London: Say goodbye to the party prince; say
hello to the queen`s secret weapon.
That`s how royal watchers have seen Prince Harry`s first
major diplomatic tour -- a 10-day jaunt to the Caribbean and
South America to represent his grandmother Queen Elizabeth II
as part of celebrations marking her Diamond Jubilee.
The trip offered Harry, 27, a first step onto the
international stage in a role that will become increasingly
common as a younger generation of royals step to the fore.
The official part of the trip, which also included a
business-boosting visit to Brazil, ended yesterday with a
charity polo match after which Harry gave an exuberant thumbs
up after he was kissed on the cheek by a brunette model.
Today, he set out for Brazil`s interior to study its
ecosystems as part of a private project conducted by the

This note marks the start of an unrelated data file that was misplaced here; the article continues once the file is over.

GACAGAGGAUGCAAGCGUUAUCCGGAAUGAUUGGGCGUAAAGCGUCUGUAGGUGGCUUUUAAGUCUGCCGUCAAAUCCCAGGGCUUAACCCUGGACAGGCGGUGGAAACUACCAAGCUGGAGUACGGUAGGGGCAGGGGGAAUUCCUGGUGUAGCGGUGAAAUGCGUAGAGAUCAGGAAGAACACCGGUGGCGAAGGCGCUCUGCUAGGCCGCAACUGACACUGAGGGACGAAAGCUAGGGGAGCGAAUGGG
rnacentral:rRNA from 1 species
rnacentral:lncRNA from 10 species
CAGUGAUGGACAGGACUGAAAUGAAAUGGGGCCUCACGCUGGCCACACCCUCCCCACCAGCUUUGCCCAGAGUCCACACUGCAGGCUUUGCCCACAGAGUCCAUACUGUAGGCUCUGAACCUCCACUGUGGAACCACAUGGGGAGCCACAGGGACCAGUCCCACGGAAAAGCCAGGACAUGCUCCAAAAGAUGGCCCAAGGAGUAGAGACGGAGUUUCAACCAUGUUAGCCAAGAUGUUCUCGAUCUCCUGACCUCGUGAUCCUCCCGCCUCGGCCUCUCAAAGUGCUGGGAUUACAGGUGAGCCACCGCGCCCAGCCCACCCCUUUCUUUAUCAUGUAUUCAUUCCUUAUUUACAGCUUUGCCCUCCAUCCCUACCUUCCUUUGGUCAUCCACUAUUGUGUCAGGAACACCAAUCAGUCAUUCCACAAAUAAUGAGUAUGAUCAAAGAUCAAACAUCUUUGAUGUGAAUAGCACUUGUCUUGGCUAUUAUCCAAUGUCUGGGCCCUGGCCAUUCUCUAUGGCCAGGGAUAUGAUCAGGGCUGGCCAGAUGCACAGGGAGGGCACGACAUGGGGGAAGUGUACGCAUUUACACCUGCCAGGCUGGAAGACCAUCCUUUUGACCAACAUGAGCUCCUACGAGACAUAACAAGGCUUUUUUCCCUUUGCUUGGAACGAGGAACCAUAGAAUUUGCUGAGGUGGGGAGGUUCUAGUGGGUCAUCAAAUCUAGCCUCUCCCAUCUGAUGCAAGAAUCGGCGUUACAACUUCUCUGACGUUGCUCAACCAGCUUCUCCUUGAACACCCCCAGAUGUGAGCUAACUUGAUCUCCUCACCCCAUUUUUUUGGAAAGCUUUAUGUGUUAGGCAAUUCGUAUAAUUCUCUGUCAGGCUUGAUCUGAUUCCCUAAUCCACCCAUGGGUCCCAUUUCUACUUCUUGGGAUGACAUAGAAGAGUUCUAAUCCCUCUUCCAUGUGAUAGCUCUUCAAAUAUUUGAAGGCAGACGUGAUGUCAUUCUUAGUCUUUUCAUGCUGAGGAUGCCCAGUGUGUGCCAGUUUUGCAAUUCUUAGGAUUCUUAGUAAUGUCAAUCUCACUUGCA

charitable foundation he runs with his brother, Prince
Press reports emphasised that Harry had been a hit with
locals and made good on his vow to make his grandmother proud.
Robert Lacey, author of several books about the queen,
said Harry`s successful trip reflects his new maturity.
"He`s grown into this role in the last few years, in part
because of his military career," Lacey said "There were
concerns because of some mishaps over the years that Harry
would be the troublesome one in the family, but he`s really
doing remarkably well."
As a younger man and teenager, Harry raised eyebrows with
his fondness for partying and, most notoriously, when he wore
Nazi gear to a costume party and was photographed wearing a
Lacey said Harry`s British military training, and that of
his elder brother, Prince William, has greatly impressed the
"People can see that Harry`s not getting special
treatment, that he has to pass helicopter exams and work
really hard," said Lacey. "The same is true for William. It`s
extraordinarily important to how people see the young